Panel rules on punishment

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Panel rules on punishment

The government’s proposed alternatives to corporal punishment at schools can also be a violation of human rights if they cause students physical pain, Korea’s rights watchdog said yesterday.

The Education Ministry in January started taking steps to revise an enforcement ordinance for a related education law, aiming to ban corporal punishment and introduce other forms of punishment, including push-ups, laps around a track and standing at the back of a classroom.

Such disciplinary measures, however, also inflict physical pain on students and may violate their rights, according to the National Human Rights Commission.

“The boundary between corporal punishment and its alternatives is vague, and it isn’t clear which is more painful,” said an official at the commission who spoke on the condition of anonymity.

The government’s plan has drawn criticism from liberal education chiefs across the country, who argue that all forms of punishment should be abolished. Others, however, have expressed concern over teachers’ weakening authority to maintain discipline in the classroom.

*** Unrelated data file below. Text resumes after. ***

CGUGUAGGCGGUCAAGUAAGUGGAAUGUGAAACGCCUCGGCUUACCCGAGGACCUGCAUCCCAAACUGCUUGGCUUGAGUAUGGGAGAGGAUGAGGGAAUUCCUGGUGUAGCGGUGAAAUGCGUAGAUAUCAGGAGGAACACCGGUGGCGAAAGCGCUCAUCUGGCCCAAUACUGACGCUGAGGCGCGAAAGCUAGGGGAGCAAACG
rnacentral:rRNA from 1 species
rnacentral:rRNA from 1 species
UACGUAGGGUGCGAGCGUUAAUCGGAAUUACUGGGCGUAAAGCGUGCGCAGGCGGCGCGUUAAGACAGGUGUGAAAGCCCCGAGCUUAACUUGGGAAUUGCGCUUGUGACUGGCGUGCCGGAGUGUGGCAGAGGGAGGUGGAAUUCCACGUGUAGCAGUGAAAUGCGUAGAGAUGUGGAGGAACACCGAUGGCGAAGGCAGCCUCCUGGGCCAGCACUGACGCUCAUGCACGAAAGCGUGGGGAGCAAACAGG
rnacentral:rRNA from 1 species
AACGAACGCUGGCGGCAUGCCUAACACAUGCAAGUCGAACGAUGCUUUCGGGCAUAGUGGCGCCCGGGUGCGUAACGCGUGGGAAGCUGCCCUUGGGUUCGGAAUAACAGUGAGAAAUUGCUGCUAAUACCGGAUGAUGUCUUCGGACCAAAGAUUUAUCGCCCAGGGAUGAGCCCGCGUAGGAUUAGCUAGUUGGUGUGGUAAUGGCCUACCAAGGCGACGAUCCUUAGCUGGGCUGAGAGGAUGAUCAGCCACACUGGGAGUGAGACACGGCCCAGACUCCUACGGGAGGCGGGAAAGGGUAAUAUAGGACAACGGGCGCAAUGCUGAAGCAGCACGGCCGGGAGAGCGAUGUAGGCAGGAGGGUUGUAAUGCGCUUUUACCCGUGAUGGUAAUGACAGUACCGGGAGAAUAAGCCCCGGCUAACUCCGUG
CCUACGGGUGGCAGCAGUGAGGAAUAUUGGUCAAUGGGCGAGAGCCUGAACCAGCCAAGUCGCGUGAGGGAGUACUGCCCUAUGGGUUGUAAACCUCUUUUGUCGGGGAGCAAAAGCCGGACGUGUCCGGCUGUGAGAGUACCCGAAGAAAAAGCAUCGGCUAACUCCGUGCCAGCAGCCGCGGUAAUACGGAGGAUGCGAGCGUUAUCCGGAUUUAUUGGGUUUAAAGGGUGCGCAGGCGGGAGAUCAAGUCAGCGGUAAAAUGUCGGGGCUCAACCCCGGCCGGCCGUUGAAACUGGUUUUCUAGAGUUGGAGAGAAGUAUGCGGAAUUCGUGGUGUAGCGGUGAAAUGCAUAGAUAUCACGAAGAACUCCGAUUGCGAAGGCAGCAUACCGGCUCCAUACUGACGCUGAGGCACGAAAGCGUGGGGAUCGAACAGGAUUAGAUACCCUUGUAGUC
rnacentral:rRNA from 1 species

“The commission’s decision is appropriate,” said an official of the Korean Teachers and Education Workers’ Union. “Allowing alternative forms of punishment goes against the ban on corporal punishment. We should stick to the ban and first study the reasons behind physical punishment at schools.”

A spokesperson for the Korean Federation of Teachers’ Associations, however, said it is “regretful” that the rights watchdog made its decision based on values alone, without considering the reality of education at schools.

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